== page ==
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Dairy farmers hail Te Waihora rehabilitation as a template

MEDIA RELEASE


26 August 2011

Dairy farmers hail Te Waihora rehabilitation as a template

The $11.6 million rehabilitation of Te Waihora (Lake Ellesmere) provides a positive template for the cooperative involvement of Government, Iwi, industry, councils and farmers.

“The simple fact is farmers couldn’t do it alone, nor could Ngai Tahu, the council or Government. There’s a refreshing recognition that we all need to work together for the future,” says Willy Leferink, Federated Farmers Dairy chairperson.

“It was deeply humbling to be at Ngāti Moki Marae yesterday. There’s a strong sense of community because only through community will Te Waihora’s future be assured.

“Dairy farmers are part of the community and Te Waihora is as much a part of us as the rest of the community.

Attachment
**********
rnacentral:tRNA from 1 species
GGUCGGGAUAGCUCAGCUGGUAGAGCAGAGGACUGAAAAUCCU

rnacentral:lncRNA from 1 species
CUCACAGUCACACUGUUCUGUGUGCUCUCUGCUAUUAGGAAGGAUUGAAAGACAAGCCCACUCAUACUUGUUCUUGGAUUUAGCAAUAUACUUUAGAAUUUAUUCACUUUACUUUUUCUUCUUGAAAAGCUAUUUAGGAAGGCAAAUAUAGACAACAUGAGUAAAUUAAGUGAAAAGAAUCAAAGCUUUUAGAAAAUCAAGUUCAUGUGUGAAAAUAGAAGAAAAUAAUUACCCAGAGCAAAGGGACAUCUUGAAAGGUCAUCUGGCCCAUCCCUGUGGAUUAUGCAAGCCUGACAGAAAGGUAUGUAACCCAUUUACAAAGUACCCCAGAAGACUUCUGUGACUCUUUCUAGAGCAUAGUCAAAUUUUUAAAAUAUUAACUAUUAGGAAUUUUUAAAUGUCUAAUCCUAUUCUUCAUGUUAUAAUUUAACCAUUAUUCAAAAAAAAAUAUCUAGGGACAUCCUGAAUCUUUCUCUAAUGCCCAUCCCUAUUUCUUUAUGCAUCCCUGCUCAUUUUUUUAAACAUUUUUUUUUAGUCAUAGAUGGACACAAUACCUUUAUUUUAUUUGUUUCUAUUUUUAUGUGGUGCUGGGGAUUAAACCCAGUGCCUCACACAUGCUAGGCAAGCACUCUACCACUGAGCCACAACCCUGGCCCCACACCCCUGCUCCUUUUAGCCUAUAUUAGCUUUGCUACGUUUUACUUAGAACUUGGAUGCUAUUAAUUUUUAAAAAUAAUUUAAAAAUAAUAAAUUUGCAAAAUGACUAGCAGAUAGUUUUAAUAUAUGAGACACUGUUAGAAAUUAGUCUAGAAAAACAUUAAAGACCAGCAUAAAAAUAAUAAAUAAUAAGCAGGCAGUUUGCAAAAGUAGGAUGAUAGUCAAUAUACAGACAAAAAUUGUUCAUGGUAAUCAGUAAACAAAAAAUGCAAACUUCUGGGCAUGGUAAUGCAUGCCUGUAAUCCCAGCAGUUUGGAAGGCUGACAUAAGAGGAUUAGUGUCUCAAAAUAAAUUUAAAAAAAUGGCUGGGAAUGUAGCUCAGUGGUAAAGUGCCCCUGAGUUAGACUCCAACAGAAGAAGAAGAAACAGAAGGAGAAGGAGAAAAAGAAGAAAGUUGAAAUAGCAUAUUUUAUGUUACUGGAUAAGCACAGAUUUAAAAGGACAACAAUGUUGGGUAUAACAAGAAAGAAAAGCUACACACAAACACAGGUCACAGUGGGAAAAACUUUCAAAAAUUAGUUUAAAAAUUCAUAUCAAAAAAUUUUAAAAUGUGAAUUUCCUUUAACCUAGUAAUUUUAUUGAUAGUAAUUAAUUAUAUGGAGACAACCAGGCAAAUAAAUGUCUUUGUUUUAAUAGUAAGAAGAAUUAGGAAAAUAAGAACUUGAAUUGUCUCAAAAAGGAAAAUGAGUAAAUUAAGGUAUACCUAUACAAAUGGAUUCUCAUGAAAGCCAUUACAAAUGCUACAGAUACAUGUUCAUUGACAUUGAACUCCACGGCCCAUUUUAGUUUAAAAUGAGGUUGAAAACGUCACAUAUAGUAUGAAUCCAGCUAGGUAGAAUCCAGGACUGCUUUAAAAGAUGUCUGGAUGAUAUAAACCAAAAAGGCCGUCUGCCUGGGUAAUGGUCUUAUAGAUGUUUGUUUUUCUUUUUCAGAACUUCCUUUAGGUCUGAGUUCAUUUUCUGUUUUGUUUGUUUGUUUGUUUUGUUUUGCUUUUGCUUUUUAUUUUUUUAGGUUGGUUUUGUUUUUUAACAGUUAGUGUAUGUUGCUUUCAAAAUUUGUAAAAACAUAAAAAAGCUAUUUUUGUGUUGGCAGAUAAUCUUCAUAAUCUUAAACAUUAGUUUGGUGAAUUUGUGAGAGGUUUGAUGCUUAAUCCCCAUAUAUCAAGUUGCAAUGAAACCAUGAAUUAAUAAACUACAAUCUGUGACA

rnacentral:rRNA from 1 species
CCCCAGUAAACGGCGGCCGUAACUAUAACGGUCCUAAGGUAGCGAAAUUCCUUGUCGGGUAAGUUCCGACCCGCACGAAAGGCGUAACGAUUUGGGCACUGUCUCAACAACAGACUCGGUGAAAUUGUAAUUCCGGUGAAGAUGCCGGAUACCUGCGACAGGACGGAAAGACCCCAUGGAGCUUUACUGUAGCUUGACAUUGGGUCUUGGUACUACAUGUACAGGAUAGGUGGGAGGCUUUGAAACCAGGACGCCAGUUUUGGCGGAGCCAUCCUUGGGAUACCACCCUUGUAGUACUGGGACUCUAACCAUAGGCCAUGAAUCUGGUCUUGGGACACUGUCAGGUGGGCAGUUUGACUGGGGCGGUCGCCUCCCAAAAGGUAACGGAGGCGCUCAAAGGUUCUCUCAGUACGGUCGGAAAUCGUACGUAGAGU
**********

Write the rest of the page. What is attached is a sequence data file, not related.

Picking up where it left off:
“We knew things had to change because Te Waihora has been in a bad way since 1993. It may well have flipped after the 1968 Waihine storms into what’s called a hypertrophic state.

“Lake Ellesmere is very much where dairy farming was; Te Waihora is about where dairy farming will be. Right now, dairy farmers are improving the farm environment with stock exclusion, planting waterways and recycling wastewater on-farm as fertiliser.

“To improve Te Waihora means undoing decades of damage from a less enlightened time and that caused by pests and from land use changes. The lake cannot recover until these are remedied.

“Pest animals, like introduced Canada Geese and ducks need to be controlled. Hunting experts, like Geoff Thomas, estimate there could well be 15,000 Canada Geese at Te Waihora. Canada Geese and other introduced water fowl are point sources of pollution.

“The financial and practical involvement of Fonterra Cooperative Group shows how serious we are as an industry. That is being taken further with dairy farmers working alongside Ngai Tahu and the community as we farm for the future of Te Waihora and our industry.

“When we look at other catchments with similar challenges, I think what we accomplished yesterday was the development of a template,” Mr Leferink concluded.

ENDS

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